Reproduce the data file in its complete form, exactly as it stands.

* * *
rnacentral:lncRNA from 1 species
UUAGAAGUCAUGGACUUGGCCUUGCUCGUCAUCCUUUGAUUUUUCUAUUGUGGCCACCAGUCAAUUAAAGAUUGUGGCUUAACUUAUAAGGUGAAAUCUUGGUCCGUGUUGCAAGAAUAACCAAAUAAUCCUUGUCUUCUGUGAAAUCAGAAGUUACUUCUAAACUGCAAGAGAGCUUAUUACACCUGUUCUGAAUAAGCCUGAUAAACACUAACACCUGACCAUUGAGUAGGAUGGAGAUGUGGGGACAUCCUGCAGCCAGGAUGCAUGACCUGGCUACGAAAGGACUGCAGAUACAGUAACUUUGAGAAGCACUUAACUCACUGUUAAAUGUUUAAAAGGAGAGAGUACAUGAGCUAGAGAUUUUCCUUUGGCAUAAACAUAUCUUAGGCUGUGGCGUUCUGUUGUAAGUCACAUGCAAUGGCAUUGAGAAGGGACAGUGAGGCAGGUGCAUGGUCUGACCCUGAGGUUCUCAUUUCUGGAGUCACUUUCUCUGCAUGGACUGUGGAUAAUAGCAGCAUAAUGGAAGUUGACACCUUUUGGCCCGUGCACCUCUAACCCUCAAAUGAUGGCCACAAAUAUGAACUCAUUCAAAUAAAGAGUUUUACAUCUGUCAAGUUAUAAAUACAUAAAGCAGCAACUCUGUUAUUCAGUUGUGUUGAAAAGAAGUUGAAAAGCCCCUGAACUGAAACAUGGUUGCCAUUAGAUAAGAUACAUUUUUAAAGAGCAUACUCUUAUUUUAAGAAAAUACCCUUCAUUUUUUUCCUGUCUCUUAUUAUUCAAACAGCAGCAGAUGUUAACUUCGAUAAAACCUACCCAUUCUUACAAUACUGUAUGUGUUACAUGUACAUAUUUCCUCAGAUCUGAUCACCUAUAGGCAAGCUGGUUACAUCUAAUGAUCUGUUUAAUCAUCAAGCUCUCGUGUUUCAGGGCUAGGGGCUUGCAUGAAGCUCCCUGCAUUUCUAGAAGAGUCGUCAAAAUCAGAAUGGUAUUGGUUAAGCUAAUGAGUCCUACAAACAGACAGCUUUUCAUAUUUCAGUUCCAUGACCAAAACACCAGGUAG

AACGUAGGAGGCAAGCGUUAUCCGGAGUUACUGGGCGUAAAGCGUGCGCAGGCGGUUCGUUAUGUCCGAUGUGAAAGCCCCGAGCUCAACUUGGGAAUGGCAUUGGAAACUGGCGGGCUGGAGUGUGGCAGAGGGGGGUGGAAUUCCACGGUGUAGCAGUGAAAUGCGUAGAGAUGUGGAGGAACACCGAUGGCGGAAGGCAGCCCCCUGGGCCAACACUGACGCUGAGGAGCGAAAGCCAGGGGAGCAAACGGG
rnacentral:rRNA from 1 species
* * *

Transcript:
rnacentral:lncRNA from 1 species
UUAGAAGUCAUGGACUUGGCCUUGCUCGUCAUCCUUUGAUUUUUCUAUUGUGGCCACCAGUCAAUUAAAGAUUGUGGCUUAACUUAUAAGGUGAAAUCUUGGUCCGUGUUGCAAGAAUAACCAAAUAAUCCUUGUCUUCUGUGAAAUCAGAAGUUACUUCUAAACUGCAAGAGAGCUUAUUACACCUGUUCUGAAUAAGCCUGAUAAACACUAACACCUGACCAUUGAGUAGGAUGGAGAUGUGGGGACAUCCUGCAGCCAGGAUGCAUGACCUGGCUACGAAAGGACUGCAGAUACAGUAACUUUGAGAAGCACUUAACUCACUGUUAAAUGUUUAAAAGGAGAGAGUACAUGAGCUAGAGAUUUUCCUUUGGCAUAAACAUAUCUUAGGCUGUGGCGUUCUGUUGUAAGUCACAUGCAAUGGCAUUGAGAAGGGACAGUGAGGCAGGUGCAUGGUCUGACCCUGAGGUUCUCAUUUCUGGAGUCACUUUCUCUGCAUGGACUGUGGAUAAUAGCAGCAUAAUGGAAGUUGACACCUUUUGGCCCGUGCACCUCUAACCCUCAAAUGAUGGCCACAAAUAUGAACUCAUUCAAAUAAAGAGUUUUACAUCUGUCAAGUUAUAAAUACAUAAAGCAGCAACUCUGUUAUUCAGUUGUGUUGAAAAGAAGUUGAAAAGCCCCUGAACUGAAACAUGGUUGCCAUUAGAUAAGAUACAUUUUUAAAGAGCAUACUCUUAUUUUAAGAAAAUACCCUUCAUUUUUUUCCUGUCUCUUAUUAUUCAAACAGCAGCAGAUGUUAACUUCGAUAAAACCUACCCAUUCUUACAAUACUGUAUGUGUUACAUGUACAUAUUUCCUCAGAUCUGAUCACCUAUAGGCAAGCUGGUUACAUCUAAUGAUCUGUUUAAUCAUCAAGCUCUCGUGUUUCAGGGCUAGGGGCUUGCAUGAAGCUCCCUGCAUUUCUAGAAGAGUCGUCAAAAUCAGAAUGGUAUUGGUUAAGCUAAUGAGUCCUACAAACAGACAGCUUUUCAUAUUUCAGUUCCAUGACCAAAACACCAGGUAG

AACGUAGGAGGCAAGCGUUAUCCGGAGUUACUGGGCGUAAAGCGUGCGCAGGCGGUUCGUUAUGUCCGAUGUGAAAGCCCCGAGCUCAACUUGGGAAUGGCAUUGGAAACUGGCGGGCUGGAGUGUGGCAGAGGGGGGUGGAAUUCCACGGUGUAGCAGUGAAAUGCGUAGAGAUGUGGAGGAACACCGAUGGCGGAAGGCAGCCCCCUGGGCCAACACUGACGCUGAGGAGCGAAAGCCAGGGGAGCAAACGGG
rnacentral:rRNA from 1 species